Joystick is a showcase for works-in-progress. On May 11th five women showed previews of their upcoming one-woman shows. It was surprising that in a format such as Joystick, the works-in-progress were as self-contained as they were and seemed to work as a whole. The five talented women performing not only did a bang-up job as actresses but also as writers.
Christina McGrath was up first and did a fantastic job as a Spanish woman talking to her toy dog, while using a J-Crew catalog to suggest a children's storybook of a man and a woman caught in a dilemma. The piece was extremely well-written and hilariously executed. McGrath was so committed to her character that the magazine was believable as a children's book.
Next up was Jessica Allen, who used closeup slow motion to illustrate stories from her life, most notably the prom. Allen was a great presence and displayed a strong command of the stage; she brought the audience front-row-center with her tale, and the pacing built strongly.
Nothing could compare to the trip that Rebecca Tingley took the audience on. Her portion consisted of three segments: diary entries, death of innocence, and "I'm not a porno queen." The writing was sweet, devastating, and funny. Tingley played all her segments with first-rate skill and emotion.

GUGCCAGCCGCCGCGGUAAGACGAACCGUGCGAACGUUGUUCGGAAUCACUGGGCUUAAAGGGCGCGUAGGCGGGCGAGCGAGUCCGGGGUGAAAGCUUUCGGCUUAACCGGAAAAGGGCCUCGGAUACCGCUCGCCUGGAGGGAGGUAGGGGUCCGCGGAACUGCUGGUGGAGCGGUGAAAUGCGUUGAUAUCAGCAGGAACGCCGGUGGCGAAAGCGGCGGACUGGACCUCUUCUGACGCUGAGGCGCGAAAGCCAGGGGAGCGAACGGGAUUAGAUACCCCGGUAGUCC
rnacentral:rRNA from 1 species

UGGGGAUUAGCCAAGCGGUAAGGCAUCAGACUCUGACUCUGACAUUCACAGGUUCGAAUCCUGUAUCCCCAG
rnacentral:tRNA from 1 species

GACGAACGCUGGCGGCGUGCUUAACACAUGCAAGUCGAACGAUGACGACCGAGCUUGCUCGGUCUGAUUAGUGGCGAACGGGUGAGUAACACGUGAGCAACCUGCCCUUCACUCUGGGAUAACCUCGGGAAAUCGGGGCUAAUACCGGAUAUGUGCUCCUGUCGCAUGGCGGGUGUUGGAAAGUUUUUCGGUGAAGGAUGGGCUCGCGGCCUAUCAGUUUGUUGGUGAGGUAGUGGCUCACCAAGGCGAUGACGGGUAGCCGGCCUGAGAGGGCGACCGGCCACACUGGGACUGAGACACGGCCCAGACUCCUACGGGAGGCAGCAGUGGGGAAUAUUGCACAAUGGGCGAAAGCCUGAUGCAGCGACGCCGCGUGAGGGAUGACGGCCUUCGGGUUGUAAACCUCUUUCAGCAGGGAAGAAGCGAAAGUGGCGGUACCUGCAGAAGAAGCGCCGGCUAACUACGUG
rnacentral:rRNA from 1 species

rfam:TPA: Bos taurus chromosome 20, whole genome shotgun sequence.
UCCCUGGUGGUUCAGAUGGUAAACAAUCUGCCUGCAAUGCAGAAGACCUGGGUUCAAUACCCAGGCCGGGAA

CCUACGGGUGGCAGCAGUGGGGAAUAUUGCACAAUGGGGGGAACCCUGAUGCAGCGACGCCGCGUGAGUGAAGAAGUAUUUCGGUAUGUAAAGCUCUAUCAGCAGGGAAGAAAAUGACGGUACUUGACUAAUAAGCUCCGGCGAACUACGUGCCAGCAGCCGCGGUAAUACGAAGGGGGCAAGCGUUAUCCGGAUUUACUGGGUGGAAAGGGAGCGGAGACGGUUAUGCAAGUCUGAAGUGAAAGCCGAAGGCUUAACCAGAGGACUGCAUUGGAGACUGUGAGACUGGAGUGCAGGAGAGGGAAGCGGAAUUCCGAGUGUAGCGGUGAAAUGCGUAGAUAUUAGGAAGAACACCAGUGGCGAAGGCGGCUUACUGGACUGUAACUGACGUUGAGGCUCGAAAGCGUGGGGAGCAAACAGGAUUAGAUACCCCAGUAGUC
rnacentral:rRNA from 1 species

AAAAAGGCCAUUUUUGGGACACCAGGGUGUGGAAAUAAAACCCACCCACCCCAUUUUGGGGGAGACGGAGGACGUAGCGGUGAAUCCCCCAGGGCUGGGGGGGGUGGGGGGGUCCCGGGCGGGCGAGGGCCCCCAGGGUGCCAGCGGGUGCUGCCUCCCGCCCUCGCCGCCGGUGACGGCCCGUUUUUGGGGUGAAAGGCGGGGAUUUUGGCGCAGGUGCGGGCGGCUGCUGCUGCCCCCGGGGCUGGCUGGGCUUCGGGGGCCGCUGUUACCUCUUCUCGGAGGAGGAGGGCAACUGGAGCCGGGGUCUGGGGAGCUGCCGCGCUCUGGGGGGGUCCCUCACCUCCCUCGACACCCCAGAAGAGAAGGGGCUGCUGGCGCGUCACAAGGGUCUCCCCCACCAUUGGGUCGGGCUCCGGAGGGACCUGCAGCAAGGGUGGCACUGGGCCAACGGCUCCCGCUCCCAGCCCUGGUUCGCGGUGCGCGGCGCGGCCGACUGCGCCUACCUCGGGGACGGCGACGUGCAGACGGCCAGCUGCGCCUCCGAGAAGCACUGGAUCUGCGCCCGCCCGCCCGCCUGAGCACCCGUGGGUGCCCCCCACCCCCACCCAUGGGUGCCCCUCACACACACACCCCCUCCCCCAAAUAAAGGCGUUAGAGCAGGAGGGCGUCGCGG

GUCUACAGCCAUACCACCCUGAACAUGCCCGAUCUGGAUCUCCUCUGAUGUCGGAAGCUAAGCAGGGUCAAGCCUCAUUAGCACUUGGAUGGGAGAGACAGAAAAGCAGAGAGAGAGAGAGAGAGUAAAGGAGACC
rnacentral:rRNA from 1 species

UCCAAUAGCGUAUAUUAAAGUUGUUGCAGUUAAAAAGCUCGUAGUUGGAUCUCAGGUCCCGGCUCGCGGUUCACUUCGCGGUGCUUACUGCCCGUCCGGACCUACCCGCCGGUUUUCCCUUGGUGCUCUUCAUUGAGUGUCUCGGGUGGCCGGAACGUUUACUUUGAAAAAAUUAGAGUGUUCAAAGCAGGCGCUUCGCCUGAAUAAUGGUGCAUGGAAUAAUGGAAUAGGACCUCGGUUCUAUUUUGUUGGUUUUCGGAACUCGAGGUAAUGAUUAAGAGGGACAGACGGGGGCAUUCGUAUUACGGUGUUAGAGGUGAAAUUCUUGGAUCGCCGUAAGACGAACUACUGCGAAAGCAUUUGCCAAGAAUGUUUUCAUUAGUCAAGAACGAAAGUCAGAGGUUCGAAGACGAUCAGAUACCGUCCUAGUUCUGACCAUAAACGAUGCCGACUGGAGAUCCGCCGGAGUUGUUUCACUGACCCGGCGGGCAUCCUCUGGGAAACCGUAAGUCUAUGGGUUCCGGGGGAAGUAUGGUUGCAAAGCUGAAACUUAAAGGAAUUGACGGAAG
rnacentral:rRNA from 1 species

Hilary Kimblin showed excerpts from her one-woman show Gringa Loca, which brought us to Equador. She tells her own tales of being a schoolteacher; not understanding the rules of curfew, she decides to go out for a little after-hours excitement. By turns hilarious and scary, a well-executed tale.
Finally, Jamie Denbo portrayed a mother of a child beauty-queen contestant waiting for her daughter to come out. The piece was terrifically acted but was too short and could have used a little more developing. It seemed to skim the surface. Denbo's piece did however arouse enough interest to want to see the next installment.
The directing of each piece was uncredited; assuming each performer was her own director, never once did a performer do herself in. The production level (all uncredited) was low-end, but did an adequate job of bringing the lights up and down, with a few music cues in-between; nothing astonishing, but nothing distracting.
Each week, another work-in-progress is shown. Perhaps
you will be lucky to see an evening like the one on May 11th.
Although not complete, it did arouse an appetite for things to
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Copyright 2001 Andrés J. Wrath